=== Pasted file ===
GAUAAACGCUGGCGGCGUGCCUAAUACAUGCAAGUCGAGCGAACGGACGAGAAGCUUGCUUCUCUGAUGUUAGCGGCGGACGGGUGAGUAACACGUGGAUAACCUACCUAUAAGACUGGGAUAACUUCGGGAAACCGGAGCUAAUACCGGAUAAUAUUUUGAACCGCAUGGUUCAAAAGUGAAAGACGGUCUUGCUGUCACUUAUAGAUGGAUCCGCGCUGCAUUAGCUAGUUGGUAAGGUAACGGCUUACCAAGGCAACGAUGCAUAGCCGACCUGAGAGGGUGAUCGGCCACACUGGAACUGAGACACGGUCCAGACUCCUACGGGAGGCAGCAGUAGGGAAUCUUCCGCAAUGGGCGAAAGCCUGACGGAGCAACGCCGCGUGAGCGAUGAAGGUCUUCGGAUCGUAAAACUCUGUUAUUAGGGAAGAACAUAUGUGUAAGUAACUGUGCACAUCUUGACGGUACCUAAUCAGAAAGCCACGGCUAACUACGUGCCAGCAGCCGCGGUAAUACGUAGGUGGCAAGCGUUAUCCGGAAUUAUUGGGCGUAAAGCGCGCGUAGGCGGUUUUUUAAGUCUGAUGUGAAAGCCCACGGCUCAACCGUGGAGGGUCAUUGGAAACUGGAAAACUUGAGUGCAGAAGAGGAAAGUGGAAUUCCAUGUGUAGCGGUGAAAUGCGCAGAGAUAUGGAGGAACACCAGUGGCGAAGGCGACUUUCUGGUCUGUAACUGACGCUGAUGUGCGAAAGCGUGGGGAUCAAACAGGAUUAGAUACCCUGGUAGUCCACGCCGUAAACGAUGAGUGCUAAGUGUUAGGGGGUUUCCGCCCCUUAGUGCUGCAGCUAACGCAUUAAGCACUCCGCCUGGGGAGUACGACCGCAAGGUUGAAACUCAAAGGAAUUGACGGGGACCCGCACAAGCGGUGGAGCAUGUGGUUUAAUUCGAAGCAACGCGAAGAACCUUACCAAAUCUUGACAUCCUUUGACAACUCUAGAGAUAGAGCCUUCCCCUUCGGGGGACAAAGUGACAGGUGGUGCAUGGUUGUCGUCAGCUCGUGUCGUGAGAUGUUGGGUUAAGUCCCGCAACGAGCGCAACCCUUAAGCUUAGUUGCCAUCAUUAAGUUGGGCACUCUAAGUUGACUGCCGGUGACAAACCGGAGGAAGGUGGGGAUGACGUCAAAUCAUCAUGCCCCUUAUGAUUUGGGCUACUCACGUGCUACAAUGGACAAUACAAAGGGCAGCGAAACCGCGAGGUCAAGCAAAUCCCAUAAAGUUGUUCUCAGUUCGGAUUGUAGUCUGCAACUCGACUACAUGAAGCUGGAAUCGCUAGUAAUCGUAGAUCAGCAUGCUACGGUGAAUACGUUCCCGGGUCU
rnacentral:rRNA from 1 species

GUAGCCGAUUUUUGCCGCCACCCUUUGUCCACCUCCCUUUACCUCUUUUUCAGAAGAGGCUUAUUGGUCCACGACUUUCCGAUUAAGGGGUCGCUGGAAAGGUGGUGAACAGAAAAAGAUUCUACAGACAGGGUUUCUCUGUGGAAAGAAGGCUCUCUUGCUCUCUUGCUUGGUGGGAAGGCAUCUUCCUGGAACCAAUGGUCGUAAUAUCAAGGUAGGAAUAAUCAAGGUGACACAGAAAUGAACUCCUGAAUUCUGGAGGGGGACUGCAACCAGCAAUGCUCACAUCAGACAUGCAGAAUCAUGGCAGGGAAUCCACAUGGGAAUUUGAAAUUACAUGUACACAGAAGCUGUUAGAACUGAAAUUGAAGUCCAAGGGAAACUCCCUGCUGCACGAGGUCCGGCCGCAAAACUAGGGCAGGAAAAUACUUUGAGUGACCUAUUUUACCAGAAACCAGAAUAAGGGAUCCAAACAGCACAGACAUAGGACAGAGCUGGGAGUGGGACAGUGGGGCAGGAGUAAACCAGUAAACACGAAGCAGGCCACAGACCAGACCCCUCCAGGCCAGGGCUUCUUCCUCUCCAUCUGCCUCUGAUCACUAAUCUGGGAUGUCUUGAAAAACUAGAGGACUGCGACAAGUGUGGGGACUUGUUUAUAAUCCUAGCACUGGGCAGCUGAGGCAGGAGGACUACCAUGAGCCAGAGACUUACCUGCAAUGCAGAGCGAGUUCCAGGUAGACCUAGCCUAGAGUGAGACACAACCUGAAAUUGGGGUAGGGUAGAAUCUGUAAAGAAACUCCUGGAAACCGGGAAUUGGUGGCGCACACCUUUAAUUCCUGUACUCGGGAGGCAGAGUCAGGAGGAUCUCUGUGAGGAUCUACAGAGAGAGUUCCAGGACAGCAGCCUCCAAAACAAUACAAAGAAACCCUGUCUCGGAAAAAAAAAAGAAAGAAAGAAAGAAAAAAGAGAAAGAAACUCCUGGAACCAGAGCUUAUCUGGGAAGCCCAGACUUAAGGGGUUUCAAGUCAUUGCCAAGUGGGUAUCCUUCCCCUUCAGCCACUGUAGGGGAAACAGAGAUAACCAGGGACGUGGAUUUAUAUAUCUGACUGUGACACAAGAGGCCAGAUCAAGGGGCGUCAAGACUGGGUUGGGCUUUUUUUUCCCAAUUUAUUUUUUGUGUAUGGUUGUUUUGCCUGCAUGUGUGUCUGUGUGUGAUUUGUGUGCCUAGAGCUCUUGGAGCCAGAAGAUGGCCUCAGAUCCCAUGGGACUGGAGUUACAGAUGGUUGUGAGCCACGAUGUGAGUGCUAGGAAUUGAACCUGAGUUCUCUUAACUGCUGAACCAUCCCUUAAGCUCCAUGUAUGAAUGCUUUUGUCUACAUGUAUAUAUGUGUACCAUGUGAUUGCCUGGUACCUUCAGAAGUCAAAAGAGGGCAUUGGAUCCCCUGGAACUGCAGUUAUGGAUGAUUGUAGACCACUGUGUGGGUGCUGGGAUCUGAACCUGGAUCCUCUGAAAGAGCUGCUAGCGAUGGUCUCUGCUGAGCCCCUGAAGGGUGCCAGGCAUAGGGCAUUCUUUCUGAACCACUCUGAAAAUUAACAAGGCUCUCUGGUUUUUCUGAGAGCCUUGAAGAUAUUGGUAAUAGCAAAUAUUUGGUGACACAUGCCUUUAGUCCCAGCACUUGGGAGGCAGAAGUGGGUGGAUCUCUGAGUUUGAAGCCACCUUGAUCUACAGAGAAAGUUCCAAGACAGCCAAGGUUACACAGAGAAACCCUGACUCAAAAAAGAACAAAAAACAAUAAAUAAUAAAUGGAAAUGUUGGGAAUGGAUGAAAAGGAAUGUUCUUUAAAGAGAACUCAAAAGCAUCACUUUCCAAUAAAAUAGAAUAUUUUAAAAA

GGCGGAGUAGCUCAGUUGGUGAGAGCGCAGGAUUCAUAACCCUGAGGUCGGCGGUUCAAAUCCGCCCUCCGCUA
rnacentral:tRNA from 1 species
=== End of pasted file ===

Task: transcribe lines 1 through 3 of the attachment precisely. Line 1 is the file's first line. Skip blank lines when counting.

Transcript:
GAUAAACGCUGGCGGCGUGCCUAAUACAUGCAAGUCGAGCGAACGGACGAGAAGCUUGCUUCUCUGAUGUUAGCGGCGGACGGGUGAGUAACACGUGGAUAACCUACCUAUAAGACUGGGAUAACUUCGGGAAACCGGAGCUAAUACCGGAUAAUAUUUUGAACCGCAUGGUUCAAAAGUGAAAGACGGUCUUGCUGUCACUUAUAGAUGGAUCCGCGCUGCAUUAGCUAGUUGGUAAGGUAACGGCUUACCAAGGCAACGAUGCAUAGCCGACCUGAGAGGGUGAUCGGCCACACUGGAACUGAGACACGGUCCAGACUCCUACGGGAGGCAGCAGUAGGGAAUCUUCCGCAAUGGGCGAAAGCCUGACGGAGCAACGCCGCGUGAGCGAUGAAGGUCUUCGGAUCGUAAAACUCUGUUAUUAGGGAAGAACAUAUGUGUAAGUAACUGUGCACAUCUUGACGGUACCUAAUCAGAAAGCCACGGCUAACUACGUGCCAGCAGCCGCGGUAAUACGUAGGUGGCAAGCGUUAUCCGGAAUUAUUGGGCGUAAAGCGCGCGUAGGCGGUUUUUUAAGUCUGAUGUGAAAGCCCACGGCUCAACCGUGGAGGGUCAUUGGAAACUGGAAAACUUGAGUGCAGAAGAGGAAAGUGGAAUUCCAUGUGUAGCGGUGAAAUGCGCAGAGAUAUGGAGGAACACCAGUGGCGAAGGCGACUUUCUGGUCUGUAACUGACGCUGAUGUGCGAAAGCGUGGGGAUCAAACAGGAUUAGAUACCCUGGUAGUCCACGCCGUAAACGAUGAGUGCUAAGUGUUAGGGGGUUUCCGCCCCUUAGUGCUGCAGCUAACGCAUUAAGCACUCCGCCUGGGGAGUACGACCGCAAGGUUGAAACUCAAAGGAAUUGACGGGGACCCGCACAAGCGGUGGAGCAUGUGGUUUAAUUCGAAGCAACGCGAAGAACCUUACCAAAUCUUGACAUCCUUUGACAACUCUAGAGAUAGAGCCUUCCCCUUCGGGGGACAAAGUGACAGGUGGUGCAUGGUUGUCGUCAGCUCGUGUCGUGAGAUGUUGGGUUAAGUCCCGCAACGAGCGCAACCCUUAAGCUUAGUUGCCAUCAUUAAGUUGGGCACUCUAAGUUGACUGCCGGUGACAAACCGGAGGAAGGUGGGGAUGACGUCAAAUCAUCAUGCCCCUUAUGAUUUGGGCUACUCACGUGCUACAAUGGACAAUACAAAGGGCAGCGAAACCGCGAGGUCAAGCAAAUCCCAUAAAGUUGUUCUCAGUUCGGAUUGUAGUCUGCAACUCGACUACAUGAAGCUGGAAUCGCUAGUAAUCGUAGAUCAGCAUGCUACGGUGAAUACGUUCCCGGGUCU
rnacentral:rRNA from 1 species

GUAGCCGAUUUUUGCCGCCACCCUUUGUCCACCUCCCUUUACCUCUUUUUCAGAAGAGGCUUAUUGGUCCACGACUUUCCGAUUAAGGGGUCGCUGGAAAGGUGGUGAACAGAAAAAGAUUCUACAGACAGGGUUUCUCUGUGGAAAGAAGGCUCUCUUGCUCUCUUGCUUGGUGGGAAGGCAUCUUCCUGGAACCAAUGGUCGUAAUAUCAAGGUAGGAAUAAUCAAGGUGACACAGAAAUGAACUCCUGAAUUCUGGAGGGGGACUGCAACCAGCAAUGCUCACAUCAGACAUGCAGAAUCAUGGCAGGGAAUCCACAUGGGAAUUUGAAAUUACAUGUACACAGAAGCUGUUAGAACUGAAAUUGAAGUCCAAGGGAAACUCCCUGCUGCACGAGGUCCGGCCGCAAAACUAGGGCAGGAAAAUACUUUGAGUGACCUAUUUUACCAGAAACCAGAAUAAGGGAUCCAAACAGCACAGACAUAGGACAGAGCUGGGAGUGGGACAGUGGGGCAGGAGUAAACCAGUAAACACGAAGCAGGCCACAGACCAGACCCCUCCAGGCCAGGGCUUCUUCCUCUCCAUCUGCCUCUGAUCACUAAUCUGGGAUGUCUUGAAAAACUAGAGGACUGCGACAAGUGUGGGGACUUGUUUAUAAUCCUAGCACUGGGCAGCUGAGGCAGGAGGACUACCAUGAGCCAGAGACUUACCUGCAAUGCAGAGCGAGUUCCAGGUAGACCUAGCCUAGAGUGAGACACAACCUGAAAUUGGGGUAGGGUAGAAUCUGUAAAGAAACUCCUGGAAACCGGGAAUUGGUGGCGCACACCUUUAAUUCCUGUACUCGGGAGGCAGAGUCAGGAGGAUCUCUGUGAGGAUCUACAGAGAGAGUUCCAGGACAGCAGCCUCCAAAACAAUACAAAGAAACCCUGUCUCGGAAAAAAAAAAGAAAGAAAGAAAGAAAAAAGAGAAAGAAACUCCUGGAACCAGAGCUUAUCUGGGAAGCCCAGACUUAAGGGGUUUCAAGUCAUUGCCAAGUGGGUAUCCUUCCCCUUCAGCCACUGUAGGGGAAACAGAGAUAACCAGGGACGUGGAUUUAUAUAUCUGACUGUGACACAAGAGGCCAGAUCAAGGGGCGUCAAGACUGGGUUGGGCUUUUUUUUCCCAAUUUAUUUUUUGUGUAUGGUUGUUUUGCCUGCAUGUGUGUCUGUGUGUGAUUUGUGUGCCUAGAGCUCUUGGAGCCAGAAGAUGGCCUCAGAUCCCAUGGGACUGGAGUUACAGAUGGUUGUGAGCCACGAUGUGAGUGCUAGGAAUUGAACCUGAGUUCUCUUAACUGCUGAACCAUCCCUUAAGCUCCAUGUAUGAAUGCUUUUGUCUACAUGUAUAUAUGUGUACCAUGUGAUUGCCUGGUACCUUCAGAAGUCAAAAGAGGGCAUUGGAUCCCCUGGAACUGCAGUUAUGGAUGAUUGUAGACCACUGUGUGGGUGCUGGGAUCUGAACCUGGAUCCUCUGAAAGAGCUGCUAGCGAUGGUCUCUGCUGAGCCCCUGAAGGGUGCCAGGCAUAGGGCAUUCUUUCUGAACCACUCUGAAAAUUAACAAGGCUCUCUGGUUUUUCUGAGAGCCUUGAAGAUAUUGGUAAUAGCAAAUAUUUGGUGACACAUGCCUUUAGUCCCAGCACUUGGGAGGCAGAAGUGGGUGGAUCUCUGAGUUUGAAGCCACCUUGAUCUACAGAGAAAGUUCCAAGACAGCCAAGGUUACACAGAGAAACCCUGACUCAAAAAAGAACAAAAAACAAUAAAUAAUAAAUGGAAAUGUUGGGAAUGGAUGAAAAGGAAUGUUCUUUAAAGAGAACUCAAAAGCAUCACUUUCCAAUAAAAUAGAAUAUUUUAAAAA